How to feel at home in The Hague: the city hall fair is back
Ten years ago, Englishman Billy Allwood launched the first edition of the Feel at Home in The Hague fair – an event where the city’s businesses and expat organisations could profile themselves to the international community.
Now, after a break of nearly two years, the fair is back home in the huge glass atrium of The Hague’s city hall. ‘Even in the internet age, there is still a need for the international community to physically meet and connect,’ says Allwood.
‘The fair is the place where the city’s international community shares knowledge and the secrets behind making the most of their time here, whether it be a few months or many years.’
An outsider would probably be amazed to discover just how many clubs and societies the international community operates – from the St Andrews Society to volunteer organisation Access and the grandly named Petroleum Wives Club.
In total, 60 sports, social and community groups will have a presence at this year’s fair, which takes place on Sunday 31 January. They will be joined by small businesses and expat service providers – taking the total number of exhibitors to 140.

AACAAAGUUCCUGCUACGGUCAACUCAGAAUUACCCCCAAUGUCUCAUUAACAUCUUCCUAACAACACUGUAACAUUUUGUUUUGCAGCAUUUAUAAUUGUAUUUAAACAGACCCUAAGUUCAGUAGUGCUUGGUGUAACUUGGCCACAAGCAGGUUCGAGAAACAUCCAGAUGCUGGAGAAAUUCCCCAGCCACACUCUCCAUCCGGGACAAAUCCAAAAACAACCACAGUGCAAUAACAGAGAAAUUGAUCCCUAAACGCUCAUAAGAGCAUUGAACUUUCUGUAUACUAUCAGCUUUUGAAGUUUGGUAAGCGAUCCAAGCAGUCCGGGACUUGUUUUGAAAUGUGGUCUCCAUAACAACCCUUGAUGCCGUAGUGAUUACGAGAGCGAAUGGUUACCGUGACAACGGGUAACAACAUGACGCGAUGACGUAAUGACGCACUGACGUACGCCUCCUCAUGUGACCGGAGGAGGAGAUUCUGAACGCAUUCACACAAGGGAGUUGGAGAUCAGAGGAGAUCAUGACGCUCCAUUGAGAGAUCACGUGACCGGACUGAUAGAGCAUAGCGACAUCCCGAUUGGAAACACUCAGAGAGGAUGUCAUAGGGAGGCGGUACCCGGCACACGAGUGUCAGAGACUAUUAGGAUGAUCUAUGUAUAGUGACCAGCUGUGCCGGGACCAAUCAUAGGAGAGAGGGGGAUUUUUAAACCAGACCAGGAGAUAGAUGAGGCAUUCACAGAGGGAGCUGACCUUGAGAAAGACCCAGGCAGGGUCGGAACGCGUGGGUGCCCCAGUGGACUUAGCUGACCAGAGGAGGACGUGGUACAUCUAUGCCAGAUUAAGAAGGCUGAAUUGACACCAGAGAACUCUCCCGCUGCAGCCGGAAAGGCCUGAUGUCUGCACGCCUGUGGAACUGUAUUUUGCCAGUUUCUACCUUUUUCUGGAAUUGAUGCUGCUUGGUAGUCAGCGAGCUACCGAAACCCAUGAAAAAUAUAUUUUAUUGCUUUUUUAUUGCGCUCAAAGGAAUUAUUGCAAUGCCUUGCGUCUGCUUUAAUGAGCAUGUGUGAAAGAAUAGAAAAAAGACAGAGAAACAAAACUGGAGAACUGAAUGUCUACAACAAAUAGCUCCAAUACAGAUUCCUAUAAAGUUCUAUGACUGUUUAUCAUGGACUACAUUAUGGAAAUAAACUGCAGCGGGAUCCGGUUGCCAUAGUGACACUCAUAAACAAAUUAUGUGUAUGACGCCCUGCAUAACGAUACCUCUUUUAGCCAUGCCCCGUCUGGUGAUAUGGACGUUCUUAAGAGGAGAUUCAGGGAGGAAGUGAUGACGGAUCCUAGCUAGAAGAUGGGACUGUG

New this year is the Innovation Quarter with ideas and inspiration for young entrepreneurs. There is also a seminar programme providing useful information about living and working in the Netherlands, including presentations on buying a house.
Outside city hall there will be activities organised by the Uithof, including a snow park, trampolines, a bungee run and sumo wrestling. Centre stage will be a fun five-a-side human table football tournament in which companies are invited to enter teams.
‘A lot has changed since the first fair way back in 2006,’ says Allwood. ‘Social media was in its infancy and most sports, social and community groups had no internet access.’
‘In those days, people were just happy to come and gather information and go home with a stack of leaflets. Today, the fair is more about having a fun day out, and celebrating why we feel so at home in The Hague.’
Entry to the event is free if you pre-register and you can sign up for tickets online.
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